E.B. White’s books for kids are just made of all things wonderful and magical about the world. He has a way with words that always seem to hold a surprise for the reader by the end of the sentence. His sensibility is unique- quietly quirky. His books celebrate the things that make us special.
From Stuart Little, a boy mouse raised in a family of humans, who is curious and independent and full of adventures.
To Louis the trumpet swan who can’t speak but learns how to read and to write and to play the trumpet as well to win his true love’s heart.
And, of course, there’s Wilbur who is truly “terrific” and “some pig” as written in Charlotte’s web.
Their uniqueness is what makes them memorable, sets them apart, and causes conflict in their lives. His books teach us to not only embrace our differences but to seek out what it is we have in common with others.
The people he decides to populate the animals’ worlds with are usually representative of our best selves- the truest of friends, the most tolerant and accepting, and an advocate of all life.
The following are my reviews of the three books plus one more he wrote…
I recently reread Charlotte’s Web and I love this classic more now than I did back when I was younger! It was easy to get comfortable in the world of E.B. White. Things seemed much simpler and innocent back then even though life and death were always present. Then there were the characters- Wilbur, who was such a pig, in the best sense of the word, and matter-of-fact Charlotte who was a mother and a friend anyone would be lucky to have. This book, as she would say, is “terrific.”
Delightful and charming. The humor seemed quirky to me but in a good way, not in a forced or false way. I just love how Stuart Little is just the way he is and the world accepts the fact of his existence without question. It’s a fun ride to be on and the writing style, the sentence structures, takes unexpected turns when you least expect it. I loved it. I wanted more. I can understand E.B. White’s to end the story where he did and why he decided there wouldn’t be a sequel but there was no sense of closure- or even a strong sense of character growth for the readers to even guess at what might happen next!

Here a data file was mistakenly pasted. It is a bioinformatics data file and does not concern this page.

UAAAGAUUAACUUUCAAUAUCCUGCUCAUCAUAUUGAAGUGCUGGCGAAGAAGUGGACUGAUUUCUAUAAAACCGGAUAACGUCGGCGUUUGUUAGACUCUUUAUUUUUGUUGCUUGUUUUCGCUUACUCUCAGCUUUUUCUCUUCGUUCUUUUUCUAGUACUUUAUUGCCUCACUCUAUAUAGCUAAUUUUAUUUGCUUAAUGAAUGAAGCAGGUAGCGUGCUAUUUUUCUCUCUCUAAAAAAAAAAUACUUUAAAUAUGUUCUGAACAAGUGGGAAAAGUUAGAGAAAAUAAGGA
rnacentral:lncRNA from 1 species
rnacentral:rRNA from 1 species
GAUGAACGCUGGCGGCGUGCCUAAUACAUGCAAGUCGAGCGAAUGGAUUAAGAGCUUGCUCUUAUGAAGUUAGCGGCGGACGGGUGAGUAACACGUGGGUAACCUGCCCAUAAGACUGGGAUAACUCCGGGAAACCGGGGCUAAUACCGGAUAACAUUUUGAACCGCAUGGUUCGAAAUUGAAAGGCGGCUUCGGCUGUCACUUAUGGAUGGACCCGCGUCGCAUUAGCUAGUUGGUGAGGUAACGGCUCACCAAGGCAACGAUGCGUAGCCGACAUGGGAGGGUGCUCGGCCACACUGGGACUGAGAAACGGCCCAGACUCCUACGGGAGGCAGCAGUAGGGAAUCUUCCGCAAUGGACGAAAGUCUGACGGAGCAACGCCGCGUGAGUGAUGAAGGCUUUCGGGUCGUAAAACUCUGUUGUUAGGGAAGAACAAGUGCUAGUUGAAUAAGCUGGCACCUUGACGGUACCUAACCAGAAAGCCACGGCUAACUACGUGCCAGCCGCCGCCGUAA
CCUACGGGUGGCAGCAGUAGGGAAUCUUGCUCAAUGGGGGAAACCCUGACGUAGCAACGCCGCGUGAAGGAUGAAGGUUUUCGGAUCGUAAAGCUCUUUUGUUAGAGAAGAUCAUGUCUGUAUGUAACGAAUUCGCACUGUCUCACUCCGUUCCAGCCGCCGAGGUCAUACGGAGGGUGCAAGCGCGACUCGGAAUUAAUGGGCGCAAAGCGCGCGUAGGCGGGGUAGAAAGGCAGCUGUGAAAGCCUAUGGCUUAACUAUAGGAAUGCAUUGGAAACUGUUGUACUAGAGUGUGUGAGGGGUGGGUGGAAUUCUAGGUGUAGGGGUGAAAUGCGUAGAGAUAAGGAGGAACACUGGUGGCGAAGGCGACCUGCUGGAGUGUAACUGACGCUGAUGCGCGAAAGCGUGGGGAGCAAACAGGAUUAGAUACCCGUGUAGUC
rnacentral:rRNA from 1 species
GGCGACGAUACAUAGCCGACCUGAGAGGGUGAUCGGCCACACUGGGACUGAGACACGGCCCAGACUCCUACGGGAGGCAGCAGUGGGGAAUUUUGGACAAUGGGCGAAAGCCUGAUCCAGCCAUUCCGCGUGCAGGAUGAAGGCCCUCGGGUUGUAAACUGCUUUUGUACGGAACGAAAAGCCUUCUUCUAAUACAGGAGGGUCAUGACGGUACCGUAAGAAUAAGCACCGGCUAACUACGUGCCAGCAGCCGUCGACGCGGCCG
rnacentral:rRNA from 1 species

What a great read! The Trumpet of the Swan is probably the least known of E.B. White’s books for kids, if that’s even possible. But there’s something about it that makes it the closest thing to perfection one can read! The characters are memorable. Louis is a trumpeter swan who can’t speak but decides to learn how to read and write. He also learns to play the trumpet to try and communicate and hopefully win the heart of Serena, the object of his affection. His father is a poet who tends to ramble on and goes to great lengths to help Louis out. I love their relationship. Then, there’s Sam, a human who helps them out because he believes all life (including animals) should be treated fairly. There’s plenty of action and conflict to keep anyone interested but it’s not show-offy or anything, just the right amount. There was one scene I kind of cringed at in which Louis done something to show his dedication in becoming a great musician. I actually thought it was going to ruin the whole book for me but it remains almost like the perfect gift, wrapped up, packed up, ribbon with a bow on it, ready to be enjoyed!
I’m definitely adding it to my most favorite books!
Who knew a rules book could be so enjoyable? I don’t know if it was Strunk, White, or whoever revised it for the fourth edition but there was a kind of snarkiness with the writing. I enjoyed it. I’ll definitely use this as reference since it’s very helpful- and portable. The English language is beautiful but confusing as well. Learning grammar is almost like a solving a mystery. I wonder how I’ll be able to compromise between my style and proper grammar. I am a firm believer in learning all the rules and mastering them first before ignoring them.